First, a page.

They are the creative geniuses responsible for the visual elements that captivate players’ imaginations. They craft characters, stunning environments, and eye-catching animations.
Game designers are the visionaries behind the gameplay itself. They craft the rules, mechanics, and overall structure of the game. With a deep understanding of player psychology and engagement, they create challenges, rewards, and interactive elements.
They create captivating soundscapes, music, and sound effects that enhance the game’s atmosphere and emotion. Their work elevates the gaming experience to new heights, from epic battle music to subtle ambient sounds.
Quality Assurance (QA) Testers
QA testers are diligent detectives who meticulously search for bugs, glitches, or issues within the game. Their authoritative feedback ensures the game is polished and free from technical hiccups before it reaches the players’ hands.
Writers and narrative designers weave captivating stories and compelling characters into the game’s fabric. They create immersive dialogues, rich lore, and engaging narratives that draw players deeper into the game’s world.
They oversee the entire development process from a business perspective. They manage budgets, schedules, and resources, ensuring the project remains financially viable and commercially successful.
They craft the layout, challenges, and puzzles that players must navigate to progress through the game. Their authoritative design skills ensure that each level is engaging and rewarding.
User Experience (UX) Designers
UX designers focus on creating an intuitive and user-friendly gaming experience. They design interfaces, menus, and controls that are easy to navigate and understand, enhancing player satisfaction.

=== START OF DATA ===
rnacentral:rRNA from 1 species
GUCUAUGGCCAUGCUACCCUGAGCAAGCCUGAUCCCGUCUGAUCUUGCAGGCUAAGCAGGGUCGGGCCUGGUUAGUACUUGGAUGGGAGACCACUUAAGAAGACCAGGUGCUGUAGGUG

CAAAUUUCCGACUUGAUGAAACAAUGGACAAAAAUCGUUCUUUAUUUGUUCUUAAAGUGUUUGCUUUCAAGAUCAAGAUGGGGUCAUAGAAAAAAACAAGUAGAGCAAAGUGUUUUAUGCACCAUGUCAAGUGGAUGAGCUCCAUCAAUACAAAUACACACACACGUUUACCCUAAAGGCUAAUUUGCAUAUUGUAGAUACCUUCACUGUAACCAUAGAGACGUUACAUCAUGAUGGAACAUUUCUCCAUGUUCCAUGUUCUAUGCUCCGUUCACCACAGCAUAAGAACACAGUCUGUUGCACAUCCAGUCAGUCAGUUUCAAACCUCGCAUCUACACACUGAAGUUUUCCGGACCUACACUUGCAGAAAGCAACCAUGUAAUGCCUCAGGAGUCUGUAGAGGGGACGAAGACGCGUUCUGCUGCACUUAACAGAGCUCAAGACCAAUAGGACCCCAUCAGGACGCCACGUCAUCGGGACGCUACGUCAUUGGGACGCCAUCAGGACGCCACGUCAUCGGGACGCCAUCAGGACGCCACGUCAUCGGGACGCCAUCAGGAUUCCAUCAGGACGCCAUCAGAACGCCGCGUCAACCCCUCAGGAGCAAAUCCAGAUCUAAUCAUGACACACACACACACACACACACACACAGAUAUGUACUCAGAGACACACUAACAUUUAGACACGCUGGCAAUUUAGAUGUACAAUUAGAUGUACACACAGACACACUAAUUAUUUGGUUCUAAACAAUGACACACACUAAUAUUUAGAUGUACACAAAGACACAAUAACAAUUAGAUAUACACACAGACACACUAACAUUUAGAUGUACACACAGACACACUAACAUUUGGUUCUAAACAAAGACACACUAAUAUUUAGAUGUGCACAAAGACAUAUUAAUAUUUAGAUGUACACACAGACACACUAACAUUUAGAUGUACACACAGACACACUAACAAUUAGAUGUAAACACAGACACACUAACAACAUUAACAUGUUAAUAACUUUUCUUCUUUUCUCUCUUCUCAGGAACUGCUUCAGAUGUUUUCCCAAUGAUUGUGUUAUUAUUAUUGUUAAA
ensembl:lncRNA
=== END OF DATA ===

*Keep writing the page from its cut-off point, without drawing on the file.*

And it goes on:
Our Game Development Experience
That’s all folks. We took a step-by-step look at the game development process and saw all the variegation, turbulence, and creative enthusiasm of this process. It’s not enough to get a technically flawless game. It is necessary to ignite the spark of life in it so that the players can see this radiance, feel it, and reach for it. This is what we do at Kevuru Games.
Refined and clear workflows allow us to easily face and deal with any challenges, obstacles, and constraints. Our video game development stages are like a ladder that we walk without hesitation or stumbling. But that’s not all – our passion for games gives us the ability to put our soul into every project, give it a unique charm, and make it stand out from others. Watching the success of our projects is the best reward for our team, which maintains our fervor and only increases the enthusiasm and desire to create and develop for the benefit of the gaming industry further.
Here are some of the games we’ve worked on.
We will make your game special.
- If you have an idea, but you cannot clearly state it – contact us, and we will formulate it together.
- If you already have sketches and clear thoughts regarding the mechanics and the plot – engage us, and we will figure out how to implement it in the coolest way.
- If you have a finished project full of errors and bugs – write to us, and we will polish it, clean it up, and prepare it for launch.
Your project will be in good hands – we form a special team that works only on it and concentrate as much as possible on the implementation of your goals. This gives us the right to guarantee a high result and release a game that we and you will be proud of.